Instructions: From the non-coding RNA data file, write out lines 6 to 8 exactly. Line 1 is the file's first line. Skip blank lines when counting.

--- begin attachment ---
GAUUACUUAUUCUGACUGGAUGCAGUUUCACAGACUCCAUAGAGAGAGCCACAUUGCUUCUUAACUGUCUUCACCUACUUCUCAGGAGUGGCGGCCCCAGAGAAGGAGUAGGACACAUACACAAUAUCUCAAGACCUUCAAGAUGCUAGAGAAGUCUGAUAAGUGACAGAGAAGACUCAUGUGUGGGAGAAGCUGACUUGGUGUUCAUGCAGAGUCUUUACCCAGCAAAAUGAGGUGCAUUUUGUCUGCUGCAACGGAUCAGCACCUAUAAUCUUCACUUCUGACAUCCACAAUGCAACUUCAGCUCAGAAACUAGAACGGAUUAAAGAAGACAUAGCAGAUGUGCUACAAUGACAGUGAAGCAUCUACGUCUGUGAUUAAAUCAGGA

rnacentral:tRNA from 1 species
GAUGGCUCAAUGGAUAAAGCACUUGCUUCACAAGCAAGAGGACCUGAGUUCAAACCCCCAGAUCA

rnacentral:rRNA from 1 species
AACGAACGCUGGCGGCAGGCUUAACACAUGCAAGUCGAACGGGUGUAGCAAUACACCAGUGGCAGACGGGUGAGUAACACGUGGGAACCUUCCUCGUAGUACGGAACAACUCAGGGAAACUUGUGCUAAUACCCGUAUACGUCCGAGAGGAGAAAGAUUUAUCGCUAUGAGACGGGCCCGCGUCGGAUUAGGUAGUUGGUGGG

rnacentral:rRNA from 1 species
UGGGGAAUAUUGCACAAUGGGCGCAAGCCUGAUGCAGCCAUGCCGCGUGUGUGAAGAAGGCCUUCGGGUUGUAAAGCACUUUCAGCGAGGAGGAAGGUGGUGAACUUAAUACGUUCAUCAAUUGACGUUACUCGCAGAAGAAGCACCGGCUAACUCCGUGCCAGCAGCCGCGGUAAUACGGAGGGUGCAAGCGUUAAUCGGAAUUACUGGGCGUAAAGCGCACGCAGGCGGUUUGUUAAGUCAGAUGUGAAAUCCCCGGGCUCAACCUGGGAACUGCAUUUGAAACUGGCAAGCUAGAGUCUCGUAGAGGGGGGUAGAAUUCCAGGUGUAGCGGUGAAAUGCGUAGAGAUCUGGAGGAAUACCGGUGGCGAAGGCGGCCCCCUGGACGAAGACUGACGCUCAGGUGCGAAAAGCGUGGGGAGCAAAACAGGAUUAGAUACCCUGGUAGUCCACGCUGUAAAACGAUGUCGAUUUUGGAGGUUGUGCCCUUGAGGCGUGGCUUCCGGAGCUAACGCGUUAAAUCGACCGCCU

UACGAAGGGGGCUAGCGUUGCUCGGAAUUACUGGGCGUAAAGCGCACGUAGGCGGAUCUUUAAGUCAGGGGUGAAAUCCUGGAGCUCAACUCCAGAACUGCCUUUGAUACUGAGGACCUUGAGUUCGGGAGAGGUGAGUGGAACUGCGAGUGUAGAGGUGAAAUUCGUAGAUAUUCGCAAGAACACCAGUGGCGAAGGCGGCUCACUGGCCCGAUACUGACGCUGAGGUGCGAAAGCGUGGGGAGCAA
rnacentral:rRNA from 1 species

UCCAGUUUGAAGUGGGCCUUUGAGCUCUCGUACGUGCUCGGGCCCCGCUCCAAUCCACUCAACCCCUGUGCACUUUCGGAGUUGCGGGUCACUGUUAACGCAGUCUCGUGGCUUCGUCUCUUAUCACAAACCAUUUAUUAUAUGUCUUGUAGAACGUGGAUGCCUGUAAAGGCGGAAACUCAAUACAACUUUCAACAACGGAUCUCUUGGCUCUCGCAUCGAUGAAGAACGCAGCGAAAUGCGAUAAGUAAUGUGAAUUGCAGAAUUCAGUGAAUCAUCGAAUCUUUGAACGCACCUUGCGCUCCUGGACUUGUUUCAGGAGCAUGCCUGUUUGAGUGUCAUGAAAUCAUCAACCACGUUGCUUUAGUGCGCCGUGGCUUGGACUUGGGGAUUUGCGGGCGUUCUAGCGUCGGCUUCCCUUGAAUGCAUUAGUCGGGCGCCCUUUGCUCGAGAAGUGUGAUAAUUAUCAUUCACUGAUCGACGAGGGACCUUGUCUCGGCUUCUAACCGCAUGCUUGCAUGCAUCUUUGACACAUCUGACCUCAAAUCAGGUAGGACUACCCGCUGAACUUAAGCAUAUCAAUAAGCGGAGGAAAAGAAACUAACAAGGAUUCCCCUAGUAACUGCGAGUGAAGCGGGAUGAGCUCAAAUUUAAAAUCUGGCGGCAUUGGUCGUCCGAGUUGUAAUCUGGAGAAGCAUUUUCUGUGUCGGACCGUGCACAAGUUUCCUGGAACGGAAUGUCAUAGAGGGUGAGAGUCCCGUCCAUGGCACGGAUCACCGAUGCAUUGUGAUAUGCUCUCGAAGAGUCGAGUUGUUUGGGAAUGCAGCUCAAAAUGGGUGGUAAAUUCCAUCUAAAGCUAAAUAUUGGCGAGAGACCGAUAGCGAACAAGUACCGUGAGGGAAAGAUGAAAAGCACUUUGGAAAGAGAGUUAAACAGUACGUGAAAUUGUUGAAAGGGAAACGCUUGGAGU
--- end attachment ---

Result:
rnacentral:rRNA from 1 species
UGGGGAAUAUUGCACAAUGGGCGCAAGCCUGAUGCAGCCAUGCCGCGUGUGUGAAGAAGGCCUUCGGGUUGUAAAGCACUUUCAGCGAGGAGGAAGGUGGUGAACUUAAUACGUUCAUCAAUUGACGUUACUCGCAGAAGAAGCACCGGCUAACUCCGUGCCAGCAGCCGCGGUAAUACGGAGGGUGCAAGCGUUAAUCGGAAUUACUGGGCGUAAAGCGCACGCAGGCGGUUUGUUAAGUCAGAUGUGAAAUCCCCGGGCUCAACCUGGGAACUGCAUUUGAAACUGGCAAGCUAGAGUCUCGUAGAGGGGGGUAGAAUUCCAGGUGUAGCGGUGAAAUGCGUAGAGAUCUGGAGGAAUACCGGUGGCGAAGGCGGCCCCCUGGACGAAGACUGACGCUCAGGUGCGAAAAGCGUGGGGAGCAAAACAGGAUUAGAUACCCUGGUAGUCCACGCUGUAAAACGAUGUCGAUUUUGGAGGUUGUGCCCUUGAGGCGUGGCUUCCGGAGCUAACGCGUUAAAUCGACCGCCU

UACGAAGGGGGCUAGCGUUGCUCGGAAUUACUGGGCGUAAAGCGCACGUAGGCGGAUCUUUAAGUCAGGGGUGAAAUCCUGGAGCUCAACUCCAGAACUGCCUUUGAUACUGAGGACCUUGAGUUCGGGAGAGGUGAGUGGAACUGCGAGUGUAGAGGUGAAAUUCGUAGAUAUUCGCAAGAACACCAGUGGCGAAGGCGGCUCACUGGCCCGAUACUGACGCUGAGGUGCGAAAGCGUGGGGAGCAA